David Dimmick isn't much of a braggart -- at least as far as we can tell -- but he's got every effin' right to be. Since becoming a DJ in 1996, the dude's C.V. includes sharing stages with some pretty stellar icons from hip-hop history, like the Wu-Tang Clan, Pharohe Monarche, A Tribe Called Quest, and Common.
This NYC native, who performs as Fact 135, has seen and done some memorable shit during his 17 years as a selector, ranging from judging and performing at various DMC battles to watching the renowned DJ Swamp light himself on fire during a Valley gig some years ago. Dimmick, 37, shared many a memorable story during our recent interview for this week's edition of DJ Dossier.
Name: David Dimmick
AKA: DJ Fact 135
Preferred genres: Hip-hop, trap, dubstep, and glitch-hop, but I will play anything. I just love music.
Current gigs: LayLow on Wednesdays at Bar Smith and monthly at The Blunt Club at Yucca Tap Room in Tempe. Also at Coolin' Out shows, during guest spots at several venues around town, and on The Beat 101.1 FM's Rhyme & Reason at 2 a.m. on Saturday nights/Sunday mornings.
How did you get into the DJ game? When I moved out here from New York in '96, I missed the hip-hop I grew up listening to. I had always been a musician, so I decided to get some turntables. I immediately fell in love with it.
What sort of jams? Everything . . . my father was a huge Beatles and ELO fan, my sisters were all about the '80s music, and of course I was around a lot of hip-hop, funk, and breaks, being in New York. So my musical taste was all over the place. Then, about 12, I got a guitar and that opened my eyes to other instruments and styles of music. To this day, I will still listen to just about anything. My roots, though, are classic rock and blues.
What was it like living in a hip-hop hub like NYC? Growing up in New York was great. So much culture to soak up. I found myself in trouble a lot -- graffiti, fighting, skateboarding, and all the other usual hoodlum bullshit. But it toughened me up and opened my eyes to life at an extremely early age. I feel blessed that I grew up there.
Why did you take a break from the DJ biz from 2007 to 2010? I walked away toward the end of a failing marriage, and to be honest, I have no idea why. As soon as I got divorced, it was all I knew, so I naturally went right back to it.
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What's story behind your DJ name: It was my nickname in New York when I was a kid, 'cause I was so straightforward and blunt. Then I began writing "Fact" as my graf tag when I was doing throwies and burners in the city. The 135 was Seaford-Oyster Bay Parkway in New York. We ran the entire highway, bridges, and trestles. So when I began to DJ, I added the 135 to differentiate myself from anyone else that may come along trying to use the same name.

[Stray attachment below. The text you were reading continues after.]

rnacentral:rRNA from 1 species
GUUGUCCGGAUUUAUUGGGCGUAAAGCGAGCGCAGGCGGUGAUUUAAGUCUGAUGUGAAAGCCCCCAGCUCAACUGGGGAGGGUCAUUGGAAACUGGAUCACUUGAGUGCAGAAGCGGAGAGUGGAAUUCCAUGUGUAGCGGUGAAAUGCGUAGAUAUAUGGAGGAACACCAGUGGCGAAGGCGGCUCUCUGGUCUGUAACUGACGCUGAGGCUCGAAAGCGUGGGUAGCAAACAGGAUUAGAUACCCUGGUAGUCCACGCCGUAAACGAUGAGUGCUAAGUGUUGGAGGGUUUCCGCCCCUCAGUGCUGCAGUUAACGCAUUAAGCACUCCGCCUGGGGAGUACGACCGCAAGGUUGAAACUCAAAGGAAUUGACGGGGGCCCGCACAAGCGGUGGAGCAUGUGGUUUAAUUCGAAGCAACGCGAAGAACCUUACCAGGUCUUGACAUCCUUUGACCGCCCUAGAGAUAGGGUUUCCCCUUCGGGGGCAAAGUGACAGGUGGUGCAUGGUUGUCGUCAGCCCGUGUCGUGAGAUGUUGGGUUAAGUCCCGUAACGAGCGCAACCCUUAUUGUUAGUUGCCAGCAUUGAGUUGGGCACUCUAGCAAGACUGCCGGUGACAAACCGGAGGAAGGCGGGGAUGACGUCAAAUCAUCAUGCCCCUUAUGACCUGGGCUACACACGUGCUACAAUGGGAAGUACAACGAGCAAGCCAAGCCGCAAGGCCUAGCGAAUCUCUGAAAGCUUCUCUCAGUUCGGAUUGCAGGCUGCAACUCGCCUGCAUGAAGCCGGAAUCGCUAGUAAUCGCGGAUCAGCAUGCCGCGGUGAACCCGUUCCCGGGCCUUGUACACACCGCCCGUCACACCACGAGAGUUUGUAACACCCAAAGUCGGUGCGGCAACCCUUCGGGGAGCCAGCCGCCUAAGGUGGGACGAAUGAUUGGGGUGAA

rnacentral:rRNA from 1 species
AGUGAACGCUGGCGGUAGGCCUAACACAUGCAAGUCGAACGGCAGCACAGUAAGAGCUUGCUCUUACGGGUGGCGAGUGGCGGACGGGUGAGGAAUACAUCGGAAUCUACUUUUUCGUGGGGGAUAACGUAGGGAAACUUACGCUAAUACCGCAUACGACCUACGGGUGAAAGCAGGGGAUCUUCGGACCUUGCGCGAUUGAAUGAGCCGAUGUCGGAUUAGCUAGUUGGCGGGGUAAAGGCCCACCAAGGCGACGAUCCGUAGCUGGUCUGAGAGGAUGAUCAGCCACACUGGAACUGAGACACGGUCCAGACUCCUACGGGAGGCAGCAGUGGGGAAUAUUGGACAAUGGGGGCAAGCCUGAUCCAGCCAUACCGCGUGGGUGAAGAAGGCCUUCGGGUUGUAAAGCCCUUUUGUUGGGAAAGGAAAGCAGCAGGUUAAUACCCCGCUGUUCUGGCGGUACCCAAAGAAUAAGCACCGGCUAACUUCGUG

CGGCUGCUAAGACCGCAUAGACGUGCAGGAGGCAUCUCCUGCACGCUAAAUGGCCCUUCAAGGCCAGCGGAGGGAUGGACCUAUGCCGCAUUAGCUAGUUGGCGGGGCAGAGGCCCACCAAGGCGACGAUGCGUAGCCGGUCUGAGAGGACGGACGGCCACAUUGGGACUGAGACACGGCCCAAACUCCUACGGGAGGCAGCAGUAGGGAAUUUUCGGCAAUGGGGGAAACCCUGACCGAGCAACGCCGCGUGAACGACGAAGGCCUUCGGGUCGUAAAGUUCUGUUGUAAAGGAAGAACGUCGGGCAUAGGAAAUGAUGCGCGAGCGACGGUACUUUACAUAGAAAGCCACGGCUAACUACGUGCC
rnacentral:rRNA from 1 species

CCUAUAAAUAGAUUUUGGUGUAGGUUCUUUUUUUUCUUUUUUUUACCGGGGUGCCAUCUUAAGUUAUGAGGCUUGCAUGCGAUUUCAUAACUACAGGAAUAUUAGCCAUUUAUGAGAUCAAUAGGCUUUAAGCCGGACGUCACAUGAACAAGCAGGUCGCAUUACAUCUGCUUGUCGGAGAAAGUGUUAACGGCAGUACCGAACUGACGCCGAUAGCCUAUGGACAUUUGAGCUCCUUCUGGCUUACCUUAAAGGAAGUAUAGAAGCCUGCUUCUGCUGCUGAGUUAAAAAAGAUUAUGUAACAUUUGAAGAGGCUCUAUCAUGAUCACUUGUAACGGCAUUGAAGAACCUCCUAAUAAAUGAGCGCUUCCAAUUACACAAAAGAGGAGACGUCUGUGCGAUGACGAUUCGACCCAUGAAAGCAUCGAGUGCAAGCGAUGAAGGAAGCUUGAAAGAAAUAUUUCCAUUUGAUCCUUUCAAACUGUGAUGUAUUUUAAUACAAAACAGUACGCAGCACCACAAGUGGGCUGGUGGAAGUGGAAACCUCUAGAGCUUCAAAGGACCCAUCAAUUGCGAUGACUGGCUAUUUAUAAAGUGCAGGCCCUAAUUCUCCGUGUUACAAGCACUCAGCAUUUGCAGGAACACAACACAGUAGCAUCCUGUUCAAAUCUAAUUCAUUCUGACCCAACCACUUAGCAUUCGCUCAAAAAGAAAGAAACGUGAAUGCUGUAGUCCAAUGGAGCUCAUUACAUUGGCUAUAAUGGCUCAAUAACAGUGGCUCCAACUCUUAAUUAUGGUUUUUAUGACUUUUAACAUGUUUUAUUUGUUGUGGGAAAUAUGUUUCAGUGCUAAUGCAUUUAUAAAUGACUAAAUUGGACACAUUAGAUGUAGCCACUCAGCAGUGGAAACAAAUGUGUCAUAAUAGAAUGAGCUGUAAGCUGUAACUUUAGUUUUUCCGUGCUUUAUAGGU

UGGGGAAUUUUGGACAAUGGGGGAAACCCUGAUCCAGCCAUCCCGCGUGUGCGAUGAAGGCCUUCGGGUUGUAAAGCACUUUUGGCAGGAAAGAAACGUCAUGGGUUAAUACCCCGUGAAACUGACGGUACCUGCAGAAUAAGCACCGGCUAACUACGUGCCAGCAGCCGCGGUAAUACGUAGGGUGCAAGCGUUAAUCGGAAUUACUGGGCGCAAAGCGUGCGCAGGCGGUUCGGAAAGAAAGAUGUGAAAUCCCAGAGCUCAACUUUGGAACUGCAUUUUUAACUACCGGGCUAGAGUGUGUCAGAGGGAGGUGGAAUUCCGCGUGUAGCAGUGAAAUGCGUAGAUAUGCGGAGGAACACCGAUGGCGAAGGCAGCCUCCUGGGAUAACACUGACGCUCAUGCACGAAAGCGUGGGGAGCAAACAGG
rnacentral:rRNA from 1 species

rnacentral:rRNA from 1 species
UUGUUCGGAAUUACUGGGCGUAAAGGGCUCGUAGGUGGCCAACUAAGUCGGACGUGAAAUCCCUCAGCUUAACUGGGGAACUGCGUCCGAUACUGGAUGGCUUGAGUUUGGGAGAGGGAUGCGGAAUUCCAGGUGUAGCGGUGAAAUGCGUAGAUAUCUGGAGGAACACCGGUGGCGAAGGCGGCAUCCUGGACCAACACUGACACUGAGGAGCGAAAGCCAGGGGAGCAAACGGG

Where else have you performed? God, there's been so many. Just about every venue in town: Axis, Myst, Sanctuary, Celebrity, America West Arena, Pussycat Lounge, Freedom, Electric Ballroom, et cetera. All around NYC and upstate New York, Atlanta, Miami, Orlando, Denver, Los Angeles, San Francisco, and Sand Diego.
What's your dream gig? DJing a Native Tongues reunion show in NYC.
What's the bygone place do you miss the most? I really liked Nita's Hideaway, but the old Arizona Roadhouse was the absolute best. Myself and Megadef used to do the one-two punch there with Drunken Immortals. So much fun there. Oh, and the Old Style Rock Shop. We used to set up there all the time. Loved that spot.
What's the craziest shit you've seen at a gig? Prolly [DJ] Swamp setting himself, his records, and Pickster's new mixer on fire about 10 years ago. Pickster almost had a heart attack, and Swamp had some serious burns. But he kept doing his routine. I believe it was at the old Nita's Hideaway.
I also saw an unnamed DJ throw up on himself and the decks while on stage in front of a few thousand people. That shit was funny as hell. He proceeded to fall over. The record never skipped. That's about all I can think of without incriminating myself or others.
What's your mantra when it comes to DJing? I guess it would be something along the lines of pay attention to the crowd, but never play what you aren't feeling. No matter how dope you are, if you don't connect with what you're playing you won't be at your best.
How would you describe your style? Clean and educated. That's how Roli Rho just described me. I'm old school, but I know my way around all the new school stuff. I still love playing vinyl, rocking doubles, juggling. But I also appreciate all the new technologies available to us now and have completely embraced it. I'm also quick on my feet.
What's one thing that no one knows about you? The first record I ever bought was Puff the Magic Dragon. I was five years old and played it every night on my Fisher Price turntable, to the point that my teenage neighbor complained to my parents about having to listen to it every night for weeks on end.